Change in Compton: UCLA Law Program Brings Bail Reform to Los Angeles County

20190227 BailPracticum

Members of the UCLA Law bail practicum aim to lower or eliminate the bail for their clients at the Los Angeles Superior Court in Compton.


Students from UCLA School of Law have made an impact on one of the signature criminal justice issues of our time: reform of the money bail system.

This school year, UCLA Law’s Criminal Justice Program launched an innovative program in collaboration with the Los Angeles County Public Defender’s office and the Bail Project. The initiative aims to lower or eliminate the bail for people who have been charged with felonies and who might face lengthy pretrial stays behind bars only because they cannot afford bail.

In the program’s first semester, 10 UCLA Law students worked with public defenders at the Los Angeles Superior Court in Compton to prepare for and argue bail hearings in criminal court. They aimed to secure lower bail for their clients or have their clients released on their own recognizance.

Students worked closely with their clients’ families and community supporters to present judges with whole pictures of their clients, and they achieved several positive results. In six cases, clients were released on their own recognizance after bail had originally been set at between $30,000 and $70,000 and clients had been incarcerated for between 5 and 16 weeks. Three of those clients were ordered into drug-treatment facilities where they maintained contact with their families and jobs while awaiting trial. One client saw bail reduced from $30,000 to $3,000, and the bail was then paid by the Bail Project, allowing the client to live in the community while awaiting trial. His case was ultimately dismissed.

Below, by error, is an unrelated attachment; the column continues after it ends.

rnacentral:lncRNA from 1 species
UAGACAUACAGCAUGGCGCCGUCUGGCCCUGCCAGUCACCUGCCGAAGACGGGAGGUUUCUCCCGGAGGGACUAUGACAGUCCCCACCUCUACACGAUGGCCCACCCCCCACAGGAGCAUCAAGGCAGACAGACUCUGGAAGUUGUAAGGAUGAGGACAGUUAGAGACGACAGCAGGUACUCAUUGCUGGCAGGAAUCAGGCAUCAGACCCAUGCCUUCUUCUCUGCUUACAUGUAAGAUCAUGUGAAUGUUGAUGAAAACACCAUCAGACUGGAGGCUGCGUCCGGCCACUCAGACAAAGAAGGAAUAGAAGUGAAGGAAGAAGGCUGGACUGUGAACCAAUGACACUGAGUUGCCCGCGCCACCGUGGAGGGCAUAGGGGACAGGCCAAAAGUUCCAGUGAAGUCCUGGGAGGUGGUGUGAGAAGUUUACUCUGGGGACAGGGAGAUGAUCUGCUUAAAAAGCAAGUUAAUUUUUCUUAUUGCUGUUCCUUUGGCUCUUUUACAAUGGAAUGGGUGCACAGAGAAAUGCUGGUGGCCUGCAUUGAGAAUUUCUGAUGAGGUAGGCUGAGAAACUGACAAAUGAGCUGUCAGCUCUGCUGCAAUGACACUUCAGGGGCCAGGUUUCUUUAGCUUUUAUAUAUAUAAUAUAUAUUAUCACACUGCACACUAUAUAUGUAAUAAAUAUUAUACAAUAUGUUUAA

The Bail Project is a national organization led by Robin Steinberg to address the inequities of the money bail system. In 2018, Steinberg joined UCLA Law as the Gilbert Foundation Senior Fellow in Criminal Justice. Steinberg and Alicia Virani ’11, a former deputy public defender in Orange County who is now the associate director of the Criminal Justice Program, co-teach the bail practicum.

“This pilot program has the potential to grow and improve the criminal justice system in Los Angeles, and it is providing our law students with an unparalleled opportunity to gain courtroom experience while still in law school,” says UCLA Law professor Máximo Langer, faculty director of the Criminal Justice Program. “Working with our partners in the public defender’s office and with the Bail Project, we hope to improve outcomes for people and communities throughout Los Angeles.”